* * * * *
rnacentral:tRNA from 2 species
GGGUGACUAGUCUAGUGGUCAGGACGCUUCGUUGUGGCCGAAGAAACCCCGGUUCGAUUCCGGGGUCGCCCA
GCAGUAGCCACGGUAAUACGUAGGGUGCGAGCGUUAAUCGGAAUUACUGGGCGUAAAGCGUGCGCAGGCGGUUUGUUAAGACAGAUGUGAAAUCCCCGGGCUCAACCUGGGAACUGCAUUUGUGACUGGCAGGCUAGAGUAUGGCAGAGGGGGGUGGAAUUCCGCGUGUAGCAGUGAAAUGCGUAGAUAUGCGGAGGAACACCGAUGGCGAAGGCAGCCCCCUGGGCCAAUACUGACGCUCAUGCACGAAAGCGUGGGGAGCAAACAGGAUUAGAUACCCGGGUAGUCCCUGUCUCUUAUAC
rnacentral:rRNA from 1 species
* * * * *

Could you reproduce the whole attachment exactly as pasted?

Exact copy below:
rnacentral:tRNA from 2 species
GGGUGACUAGUCUAGUGGUCAGGACGCUUCGUUGUGGCCGAAGAAACCCCGGUUCGAUUCCGGGGUCGCCCA
GCAGUAGCCACGGUAAUACGUAGGGUGCGAGCGUUAAUCGGAAUUACUGGGCGUAAAGCGUGCGCAGGCGGUUUGUUAAGACAGAUGUGAAAUCCCCGGGCUCAACCUGGGAACUGCAUUUGUGACUGGCAGGCUAGAGUAUGGCAGAGGGGGGUGGAAUUCCGCGUGUAGCAGUGAAAUGCGUAGAUAUGCGGAGGAACACCGAUGGCGAAGGCAGCCCCCUGGGCCAAUACUGACGCUCAUGCACGAAAGCGUGGGGAGCAAACAGGAUUAGAUACCCGGGUAGUCCCUGUCUCUUAUAC
rnacentral:rRNA from 1 species